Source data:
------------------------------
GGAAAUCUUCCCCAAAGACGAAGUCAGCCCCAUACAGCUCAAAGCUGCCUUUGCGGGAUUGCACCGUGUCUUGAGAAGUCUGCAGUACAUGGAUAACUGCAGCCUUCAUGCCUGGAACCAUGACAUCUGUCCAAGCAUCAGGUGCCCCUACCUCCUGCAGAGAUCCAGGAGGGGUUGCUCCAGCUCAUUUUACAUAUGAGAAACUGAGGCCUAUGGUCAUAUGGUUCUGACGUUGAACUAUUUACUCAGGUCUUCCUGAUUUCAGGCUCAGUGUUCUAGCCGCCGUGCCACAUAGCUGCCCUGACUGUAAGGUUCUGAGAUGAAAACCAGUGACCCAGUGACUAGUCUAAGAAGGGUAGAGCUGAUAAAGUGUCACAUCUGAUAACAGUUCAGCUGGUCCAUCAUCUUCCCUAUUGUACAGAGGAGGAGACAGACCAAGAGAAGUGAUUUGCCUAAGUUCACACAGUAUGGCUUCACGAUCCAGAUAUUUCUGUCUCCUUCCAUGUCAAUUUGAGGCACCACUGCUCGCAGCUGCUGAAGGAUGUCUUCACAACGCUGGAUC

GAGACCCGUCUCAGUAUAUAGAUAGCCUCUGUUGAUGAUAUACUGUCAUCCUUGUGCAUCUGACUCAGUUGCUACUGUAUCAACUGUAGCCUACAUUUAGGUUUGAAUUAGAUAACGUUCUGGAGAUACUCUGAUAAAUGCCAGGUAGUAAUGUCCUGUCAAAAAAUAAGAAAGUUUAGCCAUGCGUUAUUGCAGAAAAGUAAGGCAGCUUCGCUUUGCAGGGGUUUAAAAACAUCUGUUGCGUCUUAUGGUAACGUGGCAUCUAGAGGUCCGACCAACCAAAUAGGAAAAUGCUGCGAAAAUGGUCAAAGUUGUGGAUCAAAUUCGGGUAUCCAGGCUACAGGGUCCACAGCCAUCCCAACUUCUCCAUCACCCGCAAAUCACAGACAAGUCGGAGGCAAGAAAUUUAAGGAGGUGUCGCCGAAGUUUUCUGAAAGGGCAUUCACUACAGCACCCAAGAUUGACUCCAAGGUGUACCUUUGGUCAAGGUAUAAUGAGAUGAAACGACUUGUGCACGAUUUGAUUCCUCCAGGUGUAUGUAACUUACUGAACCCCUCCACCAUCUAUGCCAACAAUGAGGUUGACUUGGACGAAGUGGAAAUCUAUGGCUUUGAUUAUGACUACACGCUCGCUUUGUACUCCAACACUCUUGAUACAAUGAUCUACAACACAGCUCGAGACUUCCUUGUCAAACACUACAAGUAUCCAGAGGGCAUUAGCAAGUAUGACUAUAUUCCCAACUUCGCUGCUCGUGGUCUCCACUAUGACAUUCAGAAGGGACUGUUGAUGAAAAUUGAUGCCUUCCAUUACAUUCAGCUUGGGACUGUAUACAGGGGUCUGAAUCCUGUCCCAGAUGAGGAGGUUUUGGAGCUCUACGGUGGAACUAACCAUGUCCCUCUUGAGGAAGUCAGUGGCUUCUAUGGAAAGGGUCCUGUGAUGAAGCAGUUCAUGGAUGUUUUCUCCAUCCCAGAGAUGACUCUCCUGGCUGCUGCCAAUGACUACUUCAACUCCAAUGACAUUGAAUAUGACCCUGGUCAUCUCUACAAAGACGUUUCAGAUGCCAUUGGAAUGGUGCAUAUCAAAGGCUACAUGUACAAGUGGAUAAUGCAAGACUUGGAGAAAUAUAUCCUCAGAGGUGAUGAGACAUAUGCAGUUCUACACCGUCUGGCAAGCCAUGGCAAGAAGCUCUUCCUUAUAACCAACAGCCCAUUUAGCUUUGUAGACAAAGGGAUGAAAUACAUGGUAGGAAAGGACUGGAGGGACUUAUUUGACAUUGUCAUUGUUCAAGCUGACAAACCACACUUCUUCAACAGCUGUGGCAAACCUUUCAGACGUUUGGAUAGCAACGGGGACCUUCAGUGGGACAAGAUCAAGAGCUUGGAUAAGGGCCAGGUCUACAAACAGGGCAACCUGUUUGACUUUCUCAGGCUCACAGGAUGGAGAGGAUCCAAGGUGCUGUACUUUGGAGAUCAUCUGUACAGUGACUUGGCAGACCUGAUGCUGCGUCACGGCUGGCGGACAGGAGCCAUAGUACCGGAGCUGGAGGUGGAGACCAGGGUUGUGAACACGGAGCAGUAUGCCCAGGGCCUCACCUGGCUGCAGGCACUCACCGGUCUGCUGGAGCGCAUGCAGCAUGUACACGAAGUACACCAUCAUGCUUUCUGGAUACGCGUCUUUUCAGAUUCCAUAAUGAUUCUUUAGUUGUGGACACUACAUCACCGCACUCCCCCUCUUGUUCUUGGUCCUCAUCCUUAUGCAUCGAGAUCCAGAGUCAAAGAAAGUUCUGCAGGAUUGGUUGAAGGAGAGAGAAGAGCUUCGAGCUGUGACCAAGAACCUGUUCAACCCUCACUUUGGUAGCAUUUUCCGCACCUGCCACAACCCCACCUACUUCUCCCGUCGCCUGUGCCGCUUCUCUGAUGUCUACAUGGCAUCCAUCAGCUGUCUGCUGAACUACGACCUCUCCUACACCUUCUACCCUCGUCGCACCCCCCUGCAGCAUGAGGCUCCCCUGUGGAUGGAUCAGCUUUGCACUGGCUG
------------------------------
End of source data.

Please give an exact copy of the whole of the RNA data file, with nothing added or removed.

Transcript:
GGAAAUCUUCCCCAAAGACGAAGUCAGCCCCAUACAGCUCAAAGCUGCCUUUGCGGGAUUGCACCGUGUCUUGAGAAGUCUGCAGUACAUGGAUAACUGCAGCCUUCAUGCCUGGAACCAUGACAUCUGUCCAAGCAUCAGGUGCCCCUACCUCCUGCAGAGAUCCAGGAGGGGUUGCUCCAGCUCAUUUUACAUAUGAGAAACUGAGGCCUAUGGUCAUAUGGUUCUGACGUUGAACUAUUUACUCAGGUCUUCCUGAUUUCAGGCUCAGUGUUCUAGCCGCCGUGCCACAUAGCUGCCCUGACUGUAAGGUUCUGAGAUGAAAACCAGUGACCCAGUGACUAGUCUAAGAAGGGUAGAGCUGAUAAAGUGUCACAUCUGAUAACAGUUCAGCUGGUCCAUCAUCUUCCCUAUUGUACAGAGGAGGAGACAGACCAAGAGAAGUGAUUUGCCUAAGUUCACACAGUAUGGCUUCACGAUCCAGAUAUUUCUGUCUCCUUCCAUGUCAAUUUGAGGCACCACUGCUCGCAGCUGCUGAAGGAUGUCUUCACAACGCUGGAUC

GAGACCCGUCUCAGUAUAUAGAUAGCCUCUGUUGAUGAUAUACUGUCAUCCUUGUGCAUCUGACUCAGUUGCUACUGUAUCAACUGUAGCCUACAUUUAGGUUUGAAUUAGAUAACGUUCUGGAGAUACUCUGAUAAAUGCCAGGUAGUAAUGUCCUGUCAAAAAAUAAGAAAGUUUAGCCAUGCGUUAUUGCAGAAAAGUAAGGCAGCUUCGCUUUGCAGGGGUUUAAAAACAUCUGUUGCGUCUUAUGGUAACGUGGCAUCUAGAGGUCCGACCAACCAAAUAGGAAAAUGCUGCGAAAAUGGUCAAAGUUGUGGAUCAAAUUCGGGUAUCCAGGCUACAGGGUCCACAGCCAUCCCAACUUCUCCAUCACCCGCAAAUCACAGACAAGUCGGAGGCAAGAAAUUUAAGGAGGUGUCGCCGAAGUUUUCUGAAAGGGCAUUCACUACAGCACCCAAGAUUGACUCCAAGGUGUACCUUUGGUCAAGGUAUAAUGAGAUGAAACGACUUGUGCACGAUUUGAUUCCUCCAGGUGUAUGUAACUUACUGAACCCCUCCACCAUCUAUGCCAACAAUGAGGUUGACUUGGACGAAGUGGAAAUCUAUGGCUUUGAUUAUGACUACACGCUCGCUUUGUACUCCAACACUCUUGAUACAAUGAUCUACAACACAGCUCGAGACUUCCUUGUCAAACACUACAAGUAUCCAGAGGGCAUUAGCAAGUAUGACUAUAUUCCCAACUUCGCUGCUCGUGGUCUCCACUAUGACAUUCAGAAGGGACUGUUGAUGAAAAUUGAUGCCUUCCAUUACAUUCAGCUUGGGACUGUAUACAGGGGUCUGAAUCCUGUCCCAGAUGAGGAGGUUUUGGAGCUCUACGGUGGAACUAACCAUGUCCCUCUUGAGGAAGUCAGUGGCUUCUAUGGAAAGGGUCCUGUGAUGAAGCAGUUCAUGGAUGUUUUCUCCAUCCCAGAGAUGACUCUCCUGGCUGCUGCCAAUGACUACUUCAACUCCAAUGACAUUGAAUAUGACCCUGGUCAUCUCUACAAAGACGUUUCAGAUGCCAUUGGAAUGGUGCAUAUCAAAGGCUACAUGUACAAGUGGAUAAUGCAAGACUUGGAGAAAUAUAUCCUCAGAGGUGAUGAGACAUAUGCAGUUCUACACCGUCUGGCAAGCCAUGGCAAGAAGCUCUUCCUUAUAACCAACAGCCCAUUUAGCUUUGUAGACAAAGGGAUGAAAUACAUGGUAGGAAAGGACUGGAGGGACUUAUUUGACAUUGUCAUUGUUCAAGCUGACAAACCACACUUCUUCAACAGCUGUGGCAAACCUUUCAGACGUUUGGAUAGCAACGGGGACCUUCAGUGGGACAAGAUCAAGAGCUUGGAUAAGGGCCAGGUCUACAAACAGGGCAACCUGUUUGACUUUCUCAGGCUCACAGGAUGGAGAGGAUCCAAGGUGCUGUACUUUGGAGAUCAUCUGUACAGUGACUUGGCAGACCUGAUGCUGCGUCACGGCUGGCGGACAGGAGCCAUAGUACCGGAGCUGGAGGUGGAGACCAGGGUUGUGAACACGGAGCAGUAUGCCCAGGGCCUCACCUGGCUGCAGGCACUCACCGGUCUGCUGGAGCGCAUGCAGCAUGUACACGAAGUACACCAUCAUGCUUUCUGGAUACGCGUCUUUUCAGAUUCCAUAAUGAUUCUUUAGUUGUGGACACUACAUCACCGCACUCCCCCUCUUGUUCUUGGUCCUCAUCCUUAUGCAUCGAGAUCCAGAGUCAAAGAAAGUUCUGCAGGAUUGGUUGAAGGAGAGAGAAGAGCUUCGAGCUGUGACCAAGAACCUGUUCAACCCUCACUUUGGUAGCAUUUUCCGCACCUGCCACAACCCCACCUACUUCUCCCGUCGCCUGUGCCGCUUCUCUGAUGUCUACAUGGCAUCCAUCAGCUGUCUGCUGAACUACGACCUCUCCUACACCUUCUACCCUCGUCGCACCCCCCUGCAGCAUGAGGCUCCCCUGUGGAUGGAUCAGCUUUGCACUGGCUG